Founded and run by two Indigenous women, Tania Koenig-Gauchier and Shirley McLean, Vancouver-based Wapanatahk Media was launched in partnership with Thunderbird Entertainment’s Great Pacific Media in 2021. The production company’s first series, Dr. Savannah: Wild Rose Vet follows Dr. Savannah Howse-Smith, a Métis veterinarian based in rural Alberta. The docuseries, which bowed on APTN last week, highlights Dr. Savannah’s successes and challenges, as well as her lived experience as an Indigenous woman.
The idea for Dr. Savannah: Wild Rose Vet came to Koenig-Gauchier and McLean, executive producers on the series and CEO and president of Wapanatahk Media, respectively, while brainstorming a few years ago about what they and others most wanted to see on TV, landing on people’s love of their pets. In Dr. Savannah: Wild Rose Vet, in addition to sharing veterinary tales, Wapanatahk is also telling the story of a young Indigenous woman discovering her heritage.
“It’s common for people to feel disconnected from their families or heritage sometimes, and we think a lot of viewers will relate to this journey of self-discovery,” says Koenig-Gauchier. “Our identities are such a big part of who we are and how we see the world, and we are thrilled to highlight distinct Métis culture and heritage through a common lens: a love for animals and the joy they bring to our lives!”
Dr. Savannah “is witty, funny, personable and has such a pure love for animals,” adds Koenig-Gauchier. “We have no doubt that viewers will resonate with her right away. And, as Indigenous storytellers, representation matters so much. It’s incredibly important for young Indigenous people to see themselves positively reflected on-screen, and Dr. Savannah’s journey will allow the next generation of Indigenous youth to see this.”
Centering on Dr. Savannah and telling her personal story, Dr. Savannah: Wild Rose Vet proved an exciting and fitting first docuseries for the women behind Wapanatahk Media, for whom the production company began as a dream in their college days. “‘Wapanatahk’ in Cree means ‘morning star,’ which signifies the dawn of a new day,” says McLean. “It was the perfect name because it’s exactly what we want to do—take amazing Indigenous characters and stories and bring them to mainstream media.”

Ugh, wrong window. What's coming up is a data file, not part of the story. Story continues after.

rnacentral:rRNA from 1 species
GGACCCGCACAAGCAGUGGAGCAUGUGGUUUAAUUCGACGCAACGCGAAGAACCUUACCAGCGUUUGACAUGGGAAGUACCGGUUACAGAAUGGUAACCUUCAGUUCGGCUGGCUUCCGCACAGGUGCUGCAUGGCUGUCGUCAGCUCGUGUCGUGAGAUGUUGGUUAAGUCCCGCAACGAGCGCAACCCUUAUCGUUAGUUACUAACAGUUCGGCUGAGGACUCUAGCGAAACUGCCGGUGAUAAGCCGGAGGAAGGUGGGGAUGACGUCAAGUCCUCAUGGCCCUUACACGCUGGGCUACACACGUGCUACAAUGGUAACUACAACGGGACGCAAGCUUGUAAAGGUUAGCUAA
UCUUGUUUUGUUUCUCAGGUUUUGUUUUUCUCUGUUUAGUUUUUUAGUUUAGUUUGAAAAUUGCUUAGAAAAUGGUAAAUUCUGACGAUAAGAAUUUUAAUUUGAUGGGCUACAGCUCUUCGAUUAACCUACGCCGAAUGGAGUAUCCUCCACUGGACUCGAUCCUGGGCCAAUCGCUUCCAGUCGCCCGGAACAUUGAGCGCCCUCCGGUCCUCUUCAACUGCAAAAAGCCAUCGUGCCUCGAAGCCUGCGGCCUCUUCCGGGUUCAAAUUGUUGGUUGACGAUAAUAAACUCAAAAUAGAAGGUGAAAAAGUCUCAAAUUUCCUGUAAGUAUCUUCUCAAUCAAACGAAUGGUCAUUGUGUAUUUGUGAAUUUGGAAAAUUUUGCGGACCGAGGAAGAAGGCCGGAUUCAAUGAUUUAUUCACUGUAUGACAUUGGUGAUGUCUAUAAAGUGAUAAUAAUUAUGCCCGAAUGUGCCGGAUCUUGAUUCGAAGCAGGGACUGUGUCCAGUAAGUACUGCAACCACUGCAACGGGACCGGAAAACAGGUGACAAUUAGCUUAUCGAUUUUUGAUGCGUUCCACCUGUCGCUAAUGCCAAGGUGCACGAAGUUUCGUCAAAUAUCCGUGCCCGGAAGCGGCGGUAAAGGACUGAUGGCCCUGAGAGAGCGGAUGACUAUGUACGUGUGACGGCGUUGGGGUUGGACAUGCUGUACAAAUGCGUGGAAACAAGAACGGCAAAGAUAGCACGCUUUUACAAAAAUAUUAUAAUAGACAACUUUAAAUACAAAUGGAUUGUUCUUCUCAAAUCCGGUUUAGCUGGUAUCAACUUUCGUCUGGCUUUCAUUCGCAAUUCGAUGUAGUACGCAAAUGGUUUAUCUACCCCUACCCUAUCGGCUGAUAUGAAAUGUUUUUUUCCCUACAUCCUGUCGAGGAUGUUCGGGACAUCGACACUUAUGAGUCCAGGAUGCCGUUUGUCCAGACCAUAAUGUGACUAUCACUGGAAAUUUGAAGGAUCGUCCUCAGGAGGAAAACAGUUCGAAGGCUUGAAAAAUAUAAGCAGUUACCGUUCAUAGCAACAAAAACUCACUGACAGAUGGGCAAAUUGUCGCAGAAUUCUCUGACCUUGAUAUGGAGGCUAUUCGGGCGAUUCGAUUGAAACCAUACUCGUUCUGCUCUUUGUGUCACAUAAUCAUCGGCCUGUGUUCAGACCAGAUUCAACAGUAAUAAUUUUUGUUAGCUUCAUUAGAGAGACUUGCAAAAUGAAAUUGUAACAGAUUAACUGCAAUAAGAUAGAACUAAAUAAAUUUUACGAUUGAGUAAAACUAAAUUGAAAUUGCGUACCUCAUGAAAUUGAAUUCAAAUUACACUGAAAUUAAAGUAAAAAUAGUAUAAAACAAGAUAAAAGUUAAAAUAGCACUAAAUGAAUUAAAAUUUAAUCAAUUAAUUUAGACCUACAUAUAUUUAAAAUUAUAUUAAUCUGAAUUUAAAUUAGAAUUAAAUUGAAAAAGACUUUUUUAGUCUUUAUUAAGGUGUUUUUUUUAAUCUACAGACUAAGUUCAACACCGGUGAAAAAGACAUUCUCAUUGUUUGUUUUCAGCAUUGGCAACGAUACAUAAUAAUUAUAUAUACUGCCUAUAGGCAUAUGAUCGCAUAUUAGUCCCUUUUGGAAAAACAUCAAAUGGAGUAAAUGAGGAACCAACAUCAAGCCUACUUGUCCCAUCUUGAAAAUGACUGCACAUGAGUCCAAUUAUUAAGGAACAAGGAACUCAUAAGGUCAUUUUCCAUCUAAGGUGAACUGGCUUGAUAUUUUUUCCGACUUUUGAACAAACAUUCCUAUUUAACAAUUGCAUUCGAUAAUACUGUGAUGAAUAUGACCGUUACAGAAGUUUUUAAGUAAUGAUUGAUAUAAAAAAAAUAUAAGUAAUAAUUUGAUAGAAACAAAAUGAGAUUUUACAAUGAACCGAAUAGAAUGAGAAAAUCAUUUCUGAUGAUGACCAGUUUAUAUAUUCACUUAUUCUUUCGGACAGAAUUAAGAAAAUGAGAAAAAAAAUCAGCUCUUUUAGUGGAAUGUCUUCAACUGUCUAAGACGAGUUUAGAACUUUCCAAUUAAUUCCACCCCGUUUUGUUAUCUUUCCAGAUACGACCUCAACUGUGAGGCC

“Authentic Indigenous representation is at the heart of our mission at Wapanatahk Media,” adds McLean. “Our goal is to provide a platform for new Indigenous voices and highlight uplifting Indigenous stories of communities and people. Our stories don’t always center around trauma; there is so much more. Indigenous people are doing extraordinary things, and we are excited to bring these positive stories to the world.”
Koenig-Gauchier and McLean are proud to be part of the tide turn that is resulting in more Indigenous content that brings underrepresented people and stories to viewers around the world. At Wapanatahk Media, there is also a push to hire and create opportunities for aspiring Indigenous creatives behind the scenes. For Dr. Savannah: Wild Rose Vet’s forthcoming second season, the company has seven Indigenous women—in addition to Koenig-Gauchier and McLean—working in editing, writing and producing roles.
In terms of the industry at large, they’re pleased to see such programs as the Amazon Studios-Indigenous Screen Office Pitch Program and the CFC/Netflix Project Development Accelerator in Canada that are providing opportunities for BIPOC creators.
“We hope this trend continues, and we know it starts with production companies—like ours—that are on a mission to highlight authentic Indigenous stories,” says McLean. “We need to keep doing more as an industry to empower young Indigenous creators by creating opportunities for them to work and create and to keep this momentum going!”
In addition to season two of Dr. Savannah: Wild Rose Vet, which was renewed before its season one premiere, Wapanatahk Media is working on a series with Dr. James Makokis and Anthony Johnson, the first Two-Spirit Indigenous couple to win Amazing Race Canada.